In Zakopane, I found my first slice of the Central European countryside. I also later found snow for the first time. My travel to this side of Europe has always been in summer and then in autumn. When it is early summer or late autumn, chances are that I still find snow not only on the Tatra’s (Polish – Slovakian mountain range) but also in its foothills of which Zakopane takes the most interesting position.
I came to hear about Zakopane for the first time in my hostel in Krakow. I believe it was in the evening when I had just finished cleaning up after my dinner when I overheard someone in the back of the table saying ‘I took a day trip to Zakopane’. Later in the night as I sat in the common area I heard some other voices speak of Zakopane again. I guess it was then that I first typed the letters Z A K O P A N E on my screen on google.
What showed was not just the mountain scenery which I was expecting from what I had overheard but also a string of pictures with very peculiar and beautiful houses. Over the years of traveling to Zakopane and the Tatra’s in Poland, the wooden houses made in the true Zakopane style is what really sticks in the memory of all my travelers. There is the weather, which is always unpredictable but nice and cold, the food which is always rich, and the people which are mostly friendly.
How to reach Zakopane?
From Krakow, it is a 2 hours drive to Zakopane. There are frequent buses that take you from Krakow to this mountain town. There is an interesting train that makes this journey as well.
Zakopane for me is a break from the big city tourism, even though tourists have discovered it, they still only mostly make day trips from Krakow, making an evening here on the central street, the Krupowki street a very peaceful affair.
There are times when I just walk up and down the street to get a feel of the place, well not entirely as no feel is complete without eating something. The food options on Krupowki remained strictly polish for a long time and I was not complaining, just over the last 2 – 3 years, the kebab and chocolatiers have come in. The Asian food is still not seen anywhere and I guess it will stay that way.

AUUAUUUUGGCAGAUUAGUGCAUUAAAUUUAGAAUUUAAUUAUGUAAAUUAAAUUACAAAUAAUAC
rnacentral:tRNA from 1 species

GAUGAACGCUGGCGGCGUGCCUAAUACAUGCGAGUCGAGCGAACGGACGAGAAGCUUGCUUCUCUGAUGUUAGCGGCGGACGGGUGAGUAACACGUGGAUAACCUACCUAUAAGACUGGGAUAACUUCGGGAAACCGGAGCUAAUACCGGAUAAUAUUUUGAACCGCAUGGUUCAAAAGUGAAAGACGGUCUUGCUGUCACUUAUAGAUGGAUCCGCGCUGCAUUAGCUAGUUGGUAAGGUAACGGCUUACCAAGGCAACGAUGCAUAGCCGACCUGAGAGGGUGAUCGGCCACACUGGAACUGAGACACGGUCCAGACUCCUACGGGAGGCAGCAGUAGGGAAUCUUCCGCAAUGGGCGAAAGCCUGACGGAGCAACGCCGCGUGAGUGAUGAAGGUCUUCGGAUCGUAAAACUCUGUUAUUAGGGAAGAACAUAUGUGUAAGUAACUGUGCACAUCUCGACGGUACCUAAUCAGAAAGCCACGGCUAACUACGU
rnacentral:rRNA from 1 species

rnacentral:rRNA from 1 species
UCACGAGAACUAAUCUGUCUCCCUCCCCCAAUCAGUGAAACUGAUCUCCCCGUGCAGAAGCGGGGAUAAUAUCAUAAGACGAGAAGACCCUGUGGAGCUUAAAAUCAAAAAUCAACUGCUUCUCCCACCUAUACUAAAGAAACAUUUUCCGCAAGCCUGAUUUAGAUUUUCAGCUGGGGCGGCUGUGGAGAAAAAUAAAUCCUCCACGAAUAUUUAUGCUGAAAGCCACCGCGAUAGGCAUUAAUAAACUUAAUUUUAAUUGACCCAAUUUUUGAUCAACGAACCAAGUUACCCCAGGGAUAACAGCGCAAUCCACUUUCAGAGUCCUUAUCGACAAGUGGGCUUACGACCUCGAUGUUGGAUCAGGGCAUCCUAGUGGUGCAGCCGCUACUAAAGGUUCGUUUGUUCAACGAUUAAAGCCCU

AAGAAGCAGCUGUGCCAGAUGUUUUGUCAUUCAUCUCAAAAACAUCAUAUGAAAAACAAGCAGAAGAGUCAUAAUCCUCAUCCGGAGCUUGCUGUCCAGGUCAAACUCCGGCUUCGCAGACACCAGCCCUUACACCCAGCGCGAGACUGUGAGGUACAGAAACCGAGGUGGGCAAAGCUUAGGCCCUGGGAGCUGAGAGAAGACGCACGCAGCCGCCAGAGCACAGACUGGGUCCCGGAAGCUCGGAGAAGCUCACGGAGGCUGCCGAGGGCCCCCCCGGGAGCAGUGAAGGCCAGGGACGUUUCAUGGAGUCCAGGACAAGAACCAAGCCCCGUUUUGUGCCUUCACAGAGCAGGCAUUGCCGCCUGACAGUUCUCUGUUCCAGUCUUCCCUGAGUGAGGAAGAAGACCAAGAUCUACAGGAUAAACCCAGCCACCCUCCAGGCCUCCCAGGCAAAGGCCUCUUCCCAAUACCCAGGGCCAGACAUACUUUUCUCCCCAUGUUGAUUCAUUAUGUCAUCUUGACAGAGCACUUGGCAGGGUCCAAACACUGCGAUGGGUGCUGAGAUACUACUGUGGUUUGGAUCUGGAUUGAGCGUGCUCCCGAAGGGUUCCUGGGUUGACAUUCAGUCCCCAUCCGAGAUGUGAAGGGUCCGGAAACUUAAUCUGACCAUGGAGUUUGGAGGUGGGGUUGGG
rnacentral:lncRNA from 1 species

The Krupowki is full of women selling sheep cheese other mountain products which probably are all homemade. The cheese is smoked in special cabins just outside the town and this imparts a very special flavor to them, which with a cranberry spread makes it perfect to match up with the taste. On a clear day sitting out on the wooden benches, sipping a beer and having a polish sausage is an activity I have indulged in as I have on a rainy day, with coffee and cake.
For a more detailed meal, I prefer sitting in the cozy inside. The menu is held together with a mini ax, which is also the symbol of the town. Most of the activities from food to architecture has to do with the terrain which is like other mountain landscapes have plentiful wood and grazing pastures for the livestock to feed on. They say that the land is rich and so are its people. The Zakopanians had a minimum impact of the communist regime, unlike in big cities like Krakow and the capital Warsaw or even Berlin.
Well, coming back to food, my favorite is the mountain trout grilled with a dollop of pure butter and coupled with mushrooms from the valley. Though mushrooms and fish are a strange combination, I like to have them side by side, as I can’t wait for one to finish before I start the other. Red meat is not one of my favorites but here I have enjoyed a black pudding sausage or a lamb in cream sauce and even though I have told myself I would finish the whole plate, I have been unsuccessful many times.
This is the reason that the fish helps a lot to feel not so guilty. The pierogi here which is a polish tradition, the dumpling, takes the honor of being my favorite over its rival in Krakow. I might just be bragging here on how biased food wise I am towards Zakopane.